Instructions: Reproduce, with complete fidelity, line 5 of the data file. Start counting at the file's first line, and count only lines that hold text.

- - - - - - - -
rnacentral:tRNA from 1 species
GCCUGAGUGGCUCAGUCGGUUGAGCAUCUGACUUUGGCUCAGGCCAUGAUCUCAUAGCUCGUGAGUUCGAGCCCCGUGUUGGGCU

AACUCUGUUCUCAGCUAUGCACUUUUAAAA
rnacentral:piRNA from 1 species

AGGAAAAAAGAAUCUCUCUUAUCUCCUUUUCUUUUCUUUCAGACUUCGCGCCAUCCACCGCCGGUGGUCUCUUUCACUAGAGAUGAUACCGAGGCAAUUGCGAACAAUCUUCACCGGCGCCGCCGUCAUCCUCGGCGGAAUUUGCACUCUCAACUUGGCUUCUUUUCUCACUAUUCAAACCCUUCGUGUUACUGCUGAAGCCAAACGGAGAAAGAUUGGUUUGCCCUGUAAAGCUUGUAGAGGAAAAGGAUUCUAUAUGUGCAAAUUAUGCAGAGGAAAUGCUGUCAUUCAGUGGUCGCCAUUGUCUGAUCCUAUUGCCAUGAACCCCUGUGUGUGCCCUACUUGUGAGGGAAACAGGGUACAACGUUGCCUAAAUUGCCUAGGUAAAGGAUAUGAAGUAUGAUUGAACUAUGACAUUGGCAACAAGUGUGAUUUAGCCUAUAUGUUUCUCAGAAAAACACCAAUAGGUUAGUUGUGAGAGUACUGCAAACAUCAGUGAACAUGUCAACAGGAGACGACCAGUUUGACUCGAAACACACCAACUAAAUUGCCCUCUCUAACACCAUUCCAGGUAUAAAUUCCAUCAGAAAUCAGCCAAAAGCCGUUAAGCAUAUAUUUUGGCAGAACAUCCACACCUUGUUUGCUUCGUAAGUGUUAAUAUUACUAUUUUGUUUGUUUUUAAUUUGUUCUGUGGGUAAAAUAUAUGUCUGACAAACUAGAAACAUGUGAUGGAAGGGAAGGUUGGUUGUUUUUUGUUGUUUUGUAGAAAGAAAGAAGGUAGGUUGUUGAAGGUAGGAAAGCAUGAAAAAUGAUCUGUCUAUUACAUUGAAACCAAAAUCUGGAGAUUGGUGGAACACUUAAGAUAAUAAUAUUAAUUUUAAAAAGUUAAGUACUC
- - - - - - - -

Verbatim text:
AGGAAAAAAGAAUCUCUCUUAUCUCCUUUUCUUUUCUUUCAGACUUCGCGCCAUCCACCGCCGGUGGUCUCUUUCACUAGAGAUGAUACCGAGGCAAUUGCGAACAAUCUUCACCGGCGCCGCCGUCAUCCUCGGCGGAAUUUGCACUCUCAACUUGGCUUCUUUUCUCACUAUUCAAACCCUUCGUGUUACUGCUGAAGCCAAACGGAGAAAGAUUGGUUUGCCCUGUAAAGCUUGUAGAGGAAAAGGAUUCUAUAUGUGCAAAUUAUGCAGAGGAAAUGCUGUCAUUCAGUGGUCGCCAUUGUCUGAUCCUAUUGCCAUGAACCCCUGUGUGUGCCCUACUUGUGAGGGAAACAGGGUACAACGUUGCCUAAAUUGCCUAGGUAAAGGAUAUGAAGUAUGAUUGAACUAUGACAUUGGCAACAAGUGUGAUUUAGCCUAUAUGUUUCUCAGAAAAACACCAAUAGGUUAGUUGUGAGAGUACUGCAAACAUCAGUGAACAUGUCAACAGGAGACGACCAGUUUGACUCGAAACACACCAACUAAAUUGCCCUCUCUAACACCAUUCCAGGUAUAAAUUCCAUCAGAAAUCAGCCAAAAGCCGUUAAGCAUAUAUUUUGGCAGAACAUCCACACCUUGUUUGCUUCGUAAGUGUUAAUAUUACUAUUUUGUUUGUUUUUAAUUUGUUCUGUGGGUAAAAUAUAUGUCUGACAAACUAGAAACAUGUGAUGGAAGGGAAGGUUGGUUGUUUUUUGUUGUUUUGUAGAAAGAAAGAAGGUAGGUUGUUGAAGGUAGGAAAGCAUGAAAAAUGAUCUGUCUAUUACAUUGAAACCAAAAUCUGGAGAUUGGUGGAACACUUAAGAUAAUAAUAUUAAUUUUAAAAAGUUAAGUACUC